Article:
NEWS via Mashable: Mapmakers Debate How to Define Crimea

March 21, 2014 // 0 Comments

Mapmakers Debate How to Define Crimea A cartographer at work, circa 1930.IMAGE: VINTAGE IMAGES/HULTON ARCHIVE/GETTY IMAGES BY COLIN DAILEDA1 DAY AGO Much of the world is watching how the high-stakes tug-of-war over Crimea will play out, but few groups of professionals are more invested than cartographers. Cartographers are tasked with mapping the political dimensions of the globe. That means when a piece of land switches ownership between countries, it’s their job to decide whether they want to make that change official. The latest debate for this small but influential club is centered on Crimea, the once-autonomous region of Ukraine that voted on March 16 to become a part of Russia. Russian President Vladimir Putin has signed a treaty to annex the peninsula, and it now must be approved by the Russian parliament. On Wednesday, the Ukrainian governmentannounced it was pulling out its troops. But Western nations including the United States, the U.K., and Germany, have not [...]

NEWS via Newsweek: The Geography of Autism

March 15, 2014 // 0 Comments

The Geography of Autism By Rob Verger Filed: 3/14/14 at 2:56 PM  | Updated: 3/14/14 at 4:09 PM A new study hints at why autism clusters, but experts caution seeking an easy solutionEnrique De La Osa/Reuters Filed Under: Tech & Science, autism, Science, Studie Researchers have long know that autism is found in clusters. Certain communities and states have rates much higher than the rest of the country — a child born in California is several times more likely to be diagnosed with autism than a child in Alabama, for example. But the question why remains unanswered. The geographical nature of the disorder seems to imply some sort of local, environmental cause. And a new study suggests just that: it found a strong correlation between autism rates and male reproductive system malformations, which can be caused by environmental toxins. There is a complex array of factors that can influence autism rates, though: they seem to be affected by issues as diverse as income level, [...]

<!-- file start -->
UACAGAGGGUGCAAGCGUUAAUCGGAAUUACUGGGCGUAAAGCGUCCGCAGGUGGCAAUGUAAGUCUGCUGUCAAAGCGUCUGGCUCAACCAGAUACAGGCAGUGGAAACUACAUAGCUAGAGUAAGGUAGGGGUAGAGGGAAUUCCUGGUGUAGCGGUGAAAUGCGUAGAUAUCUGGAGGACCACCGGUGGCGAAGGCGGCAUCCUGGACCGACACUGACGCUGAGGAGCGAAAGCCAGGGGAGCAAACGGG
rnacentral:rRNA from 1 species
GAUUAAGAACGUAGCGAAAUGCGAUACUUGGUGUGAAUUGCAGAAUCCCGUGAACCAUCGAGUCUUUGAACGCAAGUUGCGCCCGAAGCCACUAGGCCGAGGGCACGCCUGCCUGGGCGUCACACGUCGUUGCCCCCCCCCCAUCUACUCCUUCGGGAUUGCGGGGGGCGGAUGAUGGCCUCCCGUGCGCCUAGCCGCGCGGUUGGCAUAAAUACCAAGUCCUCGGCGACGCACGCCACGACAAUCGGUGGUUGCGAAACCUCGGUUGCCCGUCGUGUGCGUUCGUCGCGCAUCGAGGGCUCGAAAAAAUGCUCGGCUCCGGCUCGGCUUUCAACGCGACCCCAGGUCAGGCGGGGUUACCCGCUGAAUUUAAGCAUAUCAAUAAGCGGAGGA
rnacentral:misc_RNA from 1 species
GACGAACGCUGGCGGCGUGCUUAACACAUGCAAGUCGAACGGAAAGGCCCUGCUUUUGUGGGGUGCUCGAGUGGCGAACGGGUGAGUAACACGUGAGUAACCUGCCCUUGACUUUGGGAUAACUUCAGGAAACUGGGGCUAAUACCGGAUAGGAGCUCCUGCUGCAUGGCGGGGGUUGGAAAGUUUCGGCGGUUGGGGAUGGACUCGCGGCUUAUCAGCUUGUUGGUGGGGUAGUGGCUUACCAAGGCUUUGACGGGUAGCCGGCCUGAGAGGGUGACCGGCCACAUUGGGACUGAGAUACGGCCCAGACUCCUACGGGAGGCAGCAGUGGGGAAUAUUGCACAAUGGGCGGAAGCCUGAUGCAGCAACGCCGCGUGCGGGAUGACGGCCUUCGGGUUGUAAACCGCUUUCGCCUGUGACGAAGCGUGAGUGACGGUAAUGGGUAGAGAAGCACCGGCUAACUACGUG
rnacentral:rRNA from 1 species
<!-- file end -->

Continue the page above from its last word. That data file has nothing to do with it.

NEWS via Pew Research: Remittance Flows Worldwide in 2012

February 25, 2014 // 0 Comments

Remittance Flows Worldwide in 2012 U.S. top sending country; India top receiving country Click above for full interactive “Remittances” are funds or other assets sent to their home countries by migrants, either themselves or in the form of compensation for border, short-term and seasonal employees (World Bank, 2013). Total remittances received by a country, as reported by the World Bank, include remittances sent via formal channels, such as banks and other businesses that transfer money. Data in this interactive are provided by the World Bank and follow World Bank definitions adopted from the International Monetary Fund nations (World Bank, 2013). If unofficial remittances were counted, the total could be as much as 50% higher or more, according to household surveys and other evidence cited by the World Bank (World Bank, 2005). Remittance data are provided by the World Bank and follow World Bank definitions adopted from the International Monetary Fund (World Bank, 2013). [...]